PHARMACY, MONEY AND PUBLIC HEALTH IN DAKAR.


Tousignant, N; (2013) PHARMACY, MONEY AND PUBLIC HEALTH IN DAKAR. Africa, 83 (4). pp. 561-581. ISSN 0001-9720 DOI: https://doi.org/10.1017/S0001972013000454

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Abstract

Pharmacy students at the Cheikh Anta Diop University in Dakar must research and write a thesis to graduate. Thésards who took topics in analytical chemistry and toxicology describe their thesis work as a temporary opportunity to perform 'street-level' public health research that they regard as 'relevant' to the quality of people's lives. Expecting futures in the private commercial sector, thésards regretfully leave the thesis behind. This article explores the parenthetical nature of this moment - its brief openings and more durable closures - as part of the history of ways of being a pharmacist in post-colonial Senegal. The thesis as an interlude in students' biographies, curtailed by narrowed horizons of expectation, evokes other contractions: in the range of professional roles open to Senegalese pharmacists, and in the circuits of public health with which they might engage. For thésards, fieldwork, government work and commercial work entail spatial practices and imaginations; different ways of moving around the city and of tracing urban space that define pharmacists' roles in terms of the modes through which they engage with broader collectivities. Mapping thésards' parenthesis in Dakar is a means of capturing both their urban experience of work and the intertwining spatial, temporal and affective dimensions associated with this work. The past, probable and possible trajectories of pharmacy work are imprinted and imagined in the space of the city as field, market and polis. Pharmacists' prospects and aspirations are caught up in broader shifts in how education, (un)employment and entrepreneurship animate relations of association and exchange in Senegal. Abstract available from the publisher.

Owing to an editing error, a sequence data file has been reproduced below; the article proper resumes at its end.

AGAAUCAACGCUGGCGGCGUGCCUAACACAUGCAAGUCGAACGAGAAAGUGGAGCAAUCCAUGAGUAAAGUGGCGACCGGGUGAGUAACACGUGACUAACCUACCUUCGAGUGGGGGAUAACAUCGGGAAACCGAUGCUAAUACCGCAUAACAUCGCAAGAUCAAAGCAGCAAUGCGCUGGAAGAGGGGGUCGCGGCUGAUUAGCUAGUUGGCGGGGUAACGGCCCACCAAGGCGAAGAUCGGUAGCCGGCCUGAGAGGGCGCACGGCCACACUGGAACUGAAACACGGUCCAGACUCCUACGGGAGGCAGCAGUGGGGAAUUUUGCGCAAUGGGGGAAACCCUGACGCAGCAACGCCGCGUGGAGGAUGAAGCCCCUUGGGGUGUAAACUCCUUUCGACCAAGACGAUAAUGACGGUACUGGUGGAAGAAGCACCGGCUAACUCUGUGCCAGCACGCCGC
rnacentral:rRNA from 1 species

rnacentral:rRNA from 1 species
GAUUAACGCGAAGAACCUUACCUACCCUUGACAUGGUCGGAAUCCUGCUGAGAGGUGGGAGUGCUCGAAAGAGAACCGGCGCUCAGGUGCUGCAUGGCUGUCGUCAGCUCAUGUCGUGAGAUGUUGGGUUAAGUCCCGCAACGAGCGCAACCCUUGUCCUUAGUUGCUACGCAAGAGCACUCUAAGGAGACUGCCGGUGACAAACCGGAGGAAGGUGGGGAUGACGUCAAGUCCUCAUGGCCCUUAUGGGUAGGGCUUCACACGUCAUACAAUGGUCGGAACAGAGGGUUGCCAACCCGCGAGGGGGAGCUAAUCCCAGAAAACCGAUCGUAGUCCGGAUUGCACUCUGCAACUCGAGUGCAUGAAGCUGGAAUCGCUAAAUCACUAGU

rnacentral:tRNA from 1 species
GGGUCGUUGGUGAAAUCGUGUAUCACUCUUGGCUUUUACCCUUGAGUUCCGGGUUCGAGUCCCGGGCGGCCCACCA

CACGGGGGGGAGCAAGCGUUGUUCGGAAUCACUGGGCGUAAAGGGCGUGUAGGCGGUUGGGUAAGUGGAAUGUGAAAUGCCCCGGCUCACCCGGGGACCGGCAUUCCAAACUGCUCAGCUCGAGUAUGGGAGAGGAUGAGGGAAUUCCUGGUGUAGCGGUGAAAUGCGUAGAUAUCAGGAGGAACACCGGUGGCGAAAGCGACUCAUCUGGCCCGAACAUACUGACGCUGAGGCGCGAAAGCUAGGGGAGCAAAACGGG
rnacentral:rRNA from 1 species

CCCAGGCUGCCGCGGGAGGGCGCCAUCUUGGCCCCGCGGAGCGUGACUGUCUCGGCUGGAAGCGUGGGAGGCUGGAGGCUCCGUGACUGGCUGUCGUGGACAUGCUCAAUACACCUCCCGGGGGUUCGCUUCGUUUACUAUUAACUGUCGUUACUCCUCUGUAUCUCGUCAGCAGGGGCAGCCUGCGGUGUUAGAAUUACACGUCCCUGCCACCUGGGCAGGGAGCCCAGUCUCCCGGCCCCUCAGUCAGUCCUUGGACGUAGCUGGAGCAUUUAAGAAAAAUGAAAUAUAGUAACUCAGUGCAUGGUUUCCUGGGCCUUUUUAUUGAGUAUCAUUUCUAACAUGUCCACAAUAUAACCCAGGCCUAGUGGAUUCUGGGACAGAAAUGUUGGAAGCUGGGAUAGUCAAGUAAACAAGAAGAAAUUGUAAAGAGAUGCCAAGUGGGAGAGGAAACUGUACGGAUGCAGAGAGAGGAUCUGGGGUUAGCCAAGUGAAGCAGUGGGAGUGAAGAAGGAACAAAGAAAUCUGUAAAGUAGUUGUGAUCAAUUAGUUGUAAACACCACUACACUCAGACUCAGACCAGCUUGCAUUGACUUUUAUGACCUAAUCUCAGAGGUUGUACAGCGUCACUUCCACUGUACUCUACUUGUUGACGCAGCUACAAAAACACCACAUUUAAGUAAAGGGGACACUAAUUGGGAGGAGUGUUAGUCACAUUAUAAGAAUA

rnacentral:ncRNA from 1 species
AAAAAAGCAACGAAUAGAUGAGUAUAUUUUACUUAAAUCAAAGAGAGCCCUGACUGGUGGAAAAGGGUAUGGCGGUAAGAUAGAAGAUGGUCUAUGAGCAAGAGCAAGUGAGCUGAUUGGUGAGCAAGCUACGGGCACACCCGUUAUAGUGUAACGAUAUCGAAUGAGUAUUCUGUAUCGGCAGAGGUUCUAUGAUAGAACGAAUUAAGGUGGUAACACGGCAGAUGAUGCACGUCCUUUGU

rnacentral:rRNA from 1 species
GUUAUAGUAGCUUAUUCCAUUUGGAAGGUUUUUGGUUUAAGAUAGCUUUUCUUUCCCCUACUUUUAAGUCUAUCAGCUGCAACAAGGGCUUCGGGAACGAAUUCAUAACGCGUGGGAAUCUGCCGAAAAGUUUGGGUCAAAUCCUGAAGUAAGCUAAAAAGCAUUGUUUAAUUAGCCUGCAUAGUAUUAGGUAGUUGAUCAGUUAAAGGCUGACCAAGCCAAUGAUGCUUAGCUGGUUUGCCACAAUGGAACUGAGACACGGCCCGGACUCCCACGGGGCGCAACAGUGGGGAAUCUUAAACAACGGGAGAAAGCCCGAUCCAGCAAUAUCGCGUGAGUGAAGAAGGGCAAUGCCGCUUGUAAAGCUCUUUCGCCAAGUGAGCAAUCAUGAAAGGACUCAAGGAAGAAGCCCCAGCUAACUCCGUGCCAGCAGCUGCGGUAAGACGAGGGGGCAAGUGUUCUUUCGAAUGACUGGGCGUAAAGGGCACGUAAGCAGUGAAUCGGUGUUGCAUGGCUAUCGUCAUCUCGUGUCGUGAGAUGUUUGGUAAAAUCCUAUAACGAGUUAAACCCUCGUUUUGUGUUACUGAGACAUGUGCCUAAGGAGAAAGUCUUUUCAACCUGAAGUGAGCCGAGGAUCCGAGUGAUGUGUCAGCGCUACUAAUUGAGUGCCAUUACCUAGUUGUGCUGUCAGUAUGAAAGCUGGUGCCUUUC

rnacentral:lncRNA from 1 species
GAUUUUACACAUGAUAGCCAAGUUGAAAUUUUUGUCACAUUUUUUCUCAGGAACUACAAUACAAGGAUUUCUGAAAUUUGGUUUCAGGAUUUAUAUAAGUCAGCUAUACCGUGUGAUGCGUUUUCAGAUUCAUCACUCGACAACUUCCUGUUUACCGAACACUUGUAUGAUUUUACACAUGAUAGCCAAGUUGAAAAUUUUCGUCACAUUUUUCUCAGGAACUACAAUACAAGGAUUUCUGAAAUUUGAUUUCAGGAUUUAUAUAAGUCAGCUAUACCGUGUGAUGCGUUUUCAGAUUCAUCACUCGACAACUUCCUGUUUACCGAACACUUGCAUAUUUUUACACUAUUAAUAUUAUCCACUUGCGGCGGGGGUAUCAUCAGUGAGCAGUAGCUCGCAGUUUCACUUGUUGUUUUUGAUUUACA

Item Type: Article
Faculty and Department: Faculty of Public Health and Policy > Dept of Global Health and Development
PubMed ID: 26321762
URI: http://researchonline.lshtm.ac.uk/id/eprint/2536027

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